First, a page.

Stray is a 2020 documentary that, like many other films during the pandemic, only got a more significant worldwide release in 2021.
We’re glad it did, as Elizabeth Lo’s documentary is a beautiful and thoughtful account of the homeless dogs across Turkey’s history Istanbul.
Like no other film before, you get a dog’s-eye view of the world around them as humanity goes about doing its thing.
Stray Makes Movie Stars of Istanbul’s Homeless Dogs
If you think of that Underwater Dogs book by Seth Casteel, this documentary has a similar mission. A candid account of dogs in their element.
However, Lo’s approach was to film the dog’s and inadvertently expose the human condition along the way. As the official site explains of the synopsis:
“Through the eyes of its stray dogs wandering the streets of Istanbul, Stray explores what it means to live as a being without status or security. As they search for food and shelter, three dogs—Zeytin, Nazar, and Kartal—embark on inconspicuous journeys through Turkish society that allow us an unvarnished portrait of human life.”
A bit of backstory is needed here. Instabul is home to between 400,000-600,000 stray dogs and cats.
In the 20th century, the government cracked down on this by exterminating the animals. But after public outcry, eventually strays became legal.
They’re now tagged and allowed to freely roam Istanbul—harming them in any way is illegal.
For Stray, Lo targeted three doggies and began following them (usually by herself) with a specially rigged camera.
The result is we tour around the beautiful streets of Istanbul with the three dogs, although it’s Zeytin who takes the lead role.
She’s stoic, independent, and wise, contemplating situations with a sense of cool and calm. There’s barely ever any fluster, apart from the occasional fight.
Then there’s Kartal (the puppy), who suffers from being way too cute for his own good. But he always seems to have an expression of sadness.
And Nazar, who often hangs out with Zeytin—they bicker over scraps of food.
As you’ll see from that clip, complement by Ali Helnwein’s soundtrack, Stray plays out in a way you might not expect.
There’s no narration and only occasional speech, only from the conversations caught of people nearby to Lo.
It made us think of Jiro Dreams of Sushi (2011), the surprisingly excellent documentary about Jiro Ono’s life pursuit of sushi perfection. Now 96, apparently he’s still working and is the world’s oldest chef.
That film is a love letter to foodies. Stray is a love letter to dog fans, environmentalists, animal rights activist, and anyone with a sense of compassion or wanderlust.
Alongside the footage there are occasional quotes from Greek philosophers such as Diogenes, who famously gave up his life of luxury to live in a barrel.
“Human beings live artificially and hypocritically and would do well to study the dog.”
That’s one of his lines. So, yes, lots of things like that to make you consider the perspective of a dog’s place in this world.
And that’s where Stray excels. You enter the world of these dogs and the strange antics of the humans becomes secondary.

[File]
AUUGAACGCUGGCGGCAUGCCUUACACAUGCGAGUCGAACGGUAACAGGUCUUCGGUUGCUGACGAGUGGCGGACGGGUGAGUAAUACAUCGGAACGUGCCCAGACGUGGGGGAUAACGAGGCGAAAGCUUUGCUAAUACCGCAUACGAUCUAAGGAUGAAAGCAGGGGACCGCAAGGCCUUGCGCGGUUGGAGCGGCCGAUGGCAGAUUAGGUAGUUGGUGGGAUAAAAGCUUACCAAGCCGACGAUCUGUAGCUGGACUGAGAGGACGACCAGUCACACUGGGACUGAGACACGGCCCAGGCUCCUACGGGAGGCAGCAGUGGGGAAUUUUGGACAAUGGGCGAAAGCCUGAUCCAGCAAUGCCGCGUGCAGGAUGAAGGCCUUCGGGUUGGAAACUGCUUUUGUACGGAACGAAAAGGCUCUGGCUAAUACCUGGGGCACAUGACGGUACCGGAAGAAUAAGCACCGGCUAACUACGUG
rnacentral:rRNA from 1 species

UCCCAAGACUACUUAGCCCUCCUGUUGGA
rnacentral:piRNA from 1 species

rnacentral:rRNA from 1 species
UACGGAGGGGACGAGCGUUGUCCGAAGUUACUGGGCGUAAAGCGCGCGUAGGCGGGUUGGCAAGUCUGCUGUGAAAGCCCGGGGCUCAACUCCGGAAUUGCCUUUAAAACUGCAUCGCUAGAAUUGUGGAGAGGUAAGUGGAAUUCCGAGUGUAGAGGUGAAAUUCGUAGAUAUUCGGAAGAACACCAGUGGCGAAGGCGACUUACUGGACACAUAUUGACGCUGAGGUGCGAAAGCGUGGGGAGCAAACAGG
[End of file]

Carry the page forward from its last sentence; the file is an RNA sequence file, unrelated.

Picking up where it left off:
Instead, you take in the world around you—the beautiful city of Istanbul.
All while human tumult plays out around them. A group of homeless Syrian refugees, who love the dogs, generally get treated like shit throughout. Far worse than the dogs around them. They’re even arrested for sleeping on the streets.
Stray is, inadvertently, a film about the human condition. As told from the eyes of homeless dogs on the prowl for scraps of food and a crafty nap.
As strange as it sounds, when it’s at its best the documentary is beautiful. The closing five minutes are glorious—introspective.
And if you like doggies, then this really is the film for you.
At a sharp 70 minutes, you get extended walkies and close ups of dog noses, paws, and tails.
The Production of Stray
To get a dog’s-eye view of the world, Lo used a specially rigged camera.
She had two cameras. One was shoulder-mounted that could also be used on a tripod. The other was a EasyRig Vario 5 rig, which let her swoop in and out of scenes casually.
This was physically demanding for her, as she needed to wear it 12 hours a day whilst out and about filming. Lo has said of the production:
“At first it was really frustrating filming stray dogs, because I wasn’t able to understand what motivated them. I couldn’t understand why they just spent six hours sleeping and then woke up and went off chasing whatever sound or smell, usually something I was not aware of. It was really tough to keep up with them. It was exhausting.
But over time I got used to the rhythms of a stray dog’s life. Wake up at 5pm. Spend the whole night going on an adventure. Doing the rounds. Joining up with other packs of dogs. Whatever tickles your fancy. So we just kept at it and, depending on the personality of the dog, I kind of got to know what they were interested in. I adapted to their way of life, which was much slower, but then had these bursts of hyperactivity.”
To keep track of Zeytin and the others, at the end of a day shooting she’d attach a GPS tracking collar to them.
All the effort was worth it, as since its release Stray has met with considerable critical acclaim.